Israel's president Reuven Rivlin will on Sunday begin consultations with heads of the parties elected to the new Knesset, following this week's election which resulted in a political stalemate.
After hearing their recommendations he will task one of the party leaders with forming the next government. Alternatively, if he believes that no leader will have a realistic chance of cobbling together a working coalition, he may summon the leaders of the two largest parties – Benny Gantz, head of the centrist Blue and White and prime minister Binyamin Netanyahu of Likud – to tell them that a national unity coalition is the best option to avoid Israel going to the polls for the third time in a year.
Blue and White ended up as the biggest party with 33 seats, compared to the Likud, which won 31.
Neither Gantz nor Netanyahu will receive the support of a majority 61 Knesset members to form a coalition. The kingmaker will be Avigdor Lieberman, head of the right-wing, secular Yisrael Beiteinu (eight seats), who insists that the only viable option to break the deadlock is a Blue and White-Likud-Yisrael Beiteinu unity government.
He went so far as to tell Gantz and Netanyahu not to waste time calling him if they are not on board.
Even under normal circumstances, coalition building in Israel is an arduous task. After the April elections Netanyahu’s potential partners failed to agree on a Bill for drafting the ultra-Orthodox, prompting Netanyahu to call a snap September election.
This time, the fact that Netanyahu is facing corruption charges with a pre-trial only two weeks away has further complicated the picture. Blue and White say they are open to serving in a unity government with Likud, but not if it is led by Netanyahu if he is indicted.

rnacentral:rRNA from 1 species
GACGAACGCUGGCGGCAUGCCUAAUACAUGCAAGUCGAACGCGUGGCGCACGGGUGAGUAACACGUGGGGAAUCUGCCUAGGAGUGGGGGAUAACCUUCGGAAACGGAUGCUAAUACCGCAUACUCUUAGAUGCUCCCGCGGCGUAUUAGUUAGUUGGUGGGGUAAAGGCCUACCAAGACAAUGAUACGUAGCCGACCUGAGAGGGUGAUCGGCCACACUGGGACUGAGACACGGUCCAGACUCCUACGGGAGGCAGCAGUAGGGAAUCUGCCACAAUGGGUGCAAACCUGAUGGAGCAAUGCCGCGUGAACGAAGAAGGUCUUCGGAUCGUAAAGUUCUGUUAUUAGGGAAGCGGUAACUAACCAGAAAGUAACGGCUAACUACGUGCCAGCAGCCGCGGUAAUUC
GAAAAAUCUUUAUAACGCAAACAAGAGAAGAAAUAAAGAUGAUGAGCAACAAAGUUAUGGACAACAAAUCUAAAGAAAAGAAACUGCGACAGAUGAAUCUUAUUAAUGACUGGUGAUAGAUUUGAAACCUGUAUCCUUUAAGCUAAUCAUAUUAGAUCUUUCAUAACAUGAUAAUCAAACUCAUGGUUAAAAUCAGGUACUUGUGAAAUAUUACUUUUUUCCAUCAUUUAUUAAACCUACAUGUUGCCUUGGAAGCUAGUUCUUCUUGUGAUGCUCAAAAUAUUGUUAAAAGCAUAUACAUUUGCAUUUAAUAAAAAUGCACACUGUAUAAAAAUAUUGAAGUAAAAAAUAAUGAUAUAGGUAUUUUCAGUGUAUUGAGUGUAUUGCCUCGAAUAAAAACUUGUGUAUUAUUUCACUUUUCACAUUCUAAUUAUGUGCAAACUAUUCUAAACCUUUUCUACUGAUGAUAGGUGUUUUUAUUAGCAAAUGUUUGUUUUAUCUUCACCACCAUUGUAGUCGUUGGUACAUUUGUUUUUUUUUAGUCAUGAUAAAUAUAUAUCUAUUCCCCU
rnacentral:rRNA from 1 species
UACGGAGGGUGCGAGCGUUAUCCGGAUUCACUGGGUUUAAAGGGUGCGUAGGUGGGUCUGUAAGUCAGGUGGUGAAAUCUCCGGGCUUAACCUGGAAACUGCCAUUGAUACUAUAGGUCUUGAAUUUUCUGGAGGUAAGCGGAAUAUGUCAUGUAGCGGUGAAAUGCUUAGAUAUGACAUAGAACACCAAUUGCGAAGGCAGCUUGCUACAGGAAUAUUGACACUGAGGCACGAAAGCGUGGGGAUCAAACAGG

Netanyahu’s hopes of passing a Bill granting him immunity went out the window with the election result. But he has not acknowledged defeat and is still fighting to win a fifth term as prime minister.
He is keeping all his options open, speaking in favour of a unity government while forming a joint bloc with the right/religious parties to stop Gantz forming a coalition.
Blue and White dismissed Netanyahu’s call for unity as a cynical political stunt. “Since when does a person who loses an election invite the winner to be a partner in his government?” said a senior party official.
Ben Caspit, commentator for the Ma'ariv newspaper, likened post-election Netanyahu to a drunk-driver of a bus.
“The problem is that we are the passengers in this bus. If it crashes, we crash. Binyamin Netanyahu cannot, even for a second, concede the prime minister’s residence on Balfour Street. He has indictments hanging over his head like a sword. He must remain prime minister, at any price. We are his hostages.”
When Netanyahu addressed the Likud faithful on election night activists chanted, “We don’t want unity!” But it looks like the only realistic choice may be a unity coalition or a third election.